It’s possible you’re the victim of odometer fraud.  In fact, odometer fraud is one of the most prevalent vehicle crimes, according to the Minnesota State Patrol’s Vehicle Crime Unit (VCU). It happens most often with vehicles that are 10 years old or older. That’s because, in the sale of a vehicle that old, odometer disclosure is no longer required. So criminals know they have a better chance of getting away with rolling back the odometer on a car that’s at least a decade old.

An odometer cluster (that’s the part of your dashboard that houses the odometer, the gas gauge, and the speedometer) sells for about $60 at a junk yard. So criminals (who often specialize in a particular make or even model of vehicle) can buy a car with, say, 330,000 miles on it for less than $1000, put in an odometer that reads 120,000 miles, and sell the car for $5000. Once they get it detailed and use their sob story to sell it to an unsuspecting buyer, they’ve made a tidy profit.

VCU investigators work on cases that involve as few as one car and as many as 50, following up on reports from individuals, Craigslist users, and dealerships alike. They work the case behind the scenes, then charge the criminal with either odometer fraud (a gross misdemeanor) or theft by swindle (a felony).

So how can you avoid being taken in by a criminal like this next time you buy a vehicle? First, insist on running the VIN through a vehicle history search engine yourself. Criminals will very nicely do it for you, but they can easily alter the report. Second, look carefully at the title. The name at the top should be the name of the person selling it to you. If it’s not, walk away. And last, ask the seller how long they’ve owned the car, then compare that to the date of issue on the title. If they say they’ve had it for seven years but the title was issued last year, this is not the car for you.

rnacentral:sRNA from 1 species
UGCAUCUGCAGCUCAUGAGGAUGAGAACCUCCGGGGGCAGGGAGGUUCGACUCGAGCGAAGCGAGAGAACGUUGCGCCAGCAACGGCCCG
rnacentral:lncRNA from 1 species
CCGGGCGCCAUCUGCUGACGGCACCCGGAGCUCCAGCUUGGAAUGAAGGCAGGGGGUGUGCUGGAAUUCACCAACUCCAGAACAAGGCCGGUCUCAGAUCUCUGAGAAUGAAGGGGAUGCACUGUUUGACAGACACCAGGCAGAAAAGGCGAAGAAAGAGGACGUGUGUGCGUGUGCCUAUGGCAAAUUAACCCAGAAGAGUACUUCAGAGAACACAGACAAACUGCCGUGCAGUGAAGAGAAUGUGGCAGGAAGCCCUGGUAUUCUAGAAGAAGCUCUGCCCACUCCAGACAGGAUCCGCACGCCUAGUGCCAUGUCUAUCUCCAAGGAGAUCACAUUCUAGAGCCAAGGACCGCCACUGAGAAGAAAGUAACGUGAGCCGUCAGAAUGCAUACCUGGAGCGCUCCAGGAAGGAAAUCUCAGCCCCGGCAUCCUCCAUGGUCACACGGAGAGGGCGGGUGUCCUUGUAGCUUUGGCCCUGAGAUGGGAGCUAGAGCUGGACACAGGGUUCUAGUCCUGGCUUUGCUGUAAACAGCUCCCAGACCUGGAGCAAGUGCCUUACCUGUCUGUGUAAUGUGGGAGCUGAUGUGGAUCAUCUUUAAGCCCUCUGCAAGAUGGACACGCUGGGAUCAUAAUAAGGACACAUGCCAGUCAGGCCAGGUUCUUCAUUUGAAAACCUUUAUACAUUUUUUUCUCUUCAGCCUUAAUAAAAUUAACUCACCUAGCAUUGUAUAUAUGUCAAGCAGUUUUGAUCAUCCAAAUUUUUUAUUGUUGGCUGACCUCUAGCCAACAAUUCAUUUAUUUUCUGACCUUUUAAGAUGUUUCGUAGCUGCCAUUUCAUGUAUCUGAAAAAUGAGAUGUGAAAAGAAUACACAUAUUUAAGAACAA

We're just saying, 224,000 people can't be wrong​


Jan. 9


Did you know that over 224,000 people follow the Department of Public Safety (DPS) on social media? If you’re not one of them, you
could change that right now. Our followers receive important DPS information through our multiple Twitter and Facebook accounts.
​​Screen shot image of DPS social media pages.
​Photo: Follow DPS's social media channels for timely
information to help keep you and your family safe.
 

DPS social media by the numbers
That breaks down to:
  • 67,805 Twitter followers for all DPS accounts.
  • 156,812 Facebook fans for all DPS accounts.
  • 3,400 Facebook posts for all accounts in 2016.
  • 3,000 Tweets for all accounts in 2016.
  • 253 followers on Instagram (an 87 percent improvement over this time last year).
  • Over 300 videos on our YouTube channel.
Nine DPS divisions have both Facebook pages and Twitter accounts – and the tweets aren’t just by humans. We have an explosives-detecting K-9 officer at the Minnesota Capitol who has her own Twitter account! 
 
What you’ll find on our social media channels
Here are some examples of the useful and timely information you can find on our social media channels that will fascinate you, help keep you safe, or both:
  • What are the latest updates on crimes? Follow the Bureau of Criminal Apprehension.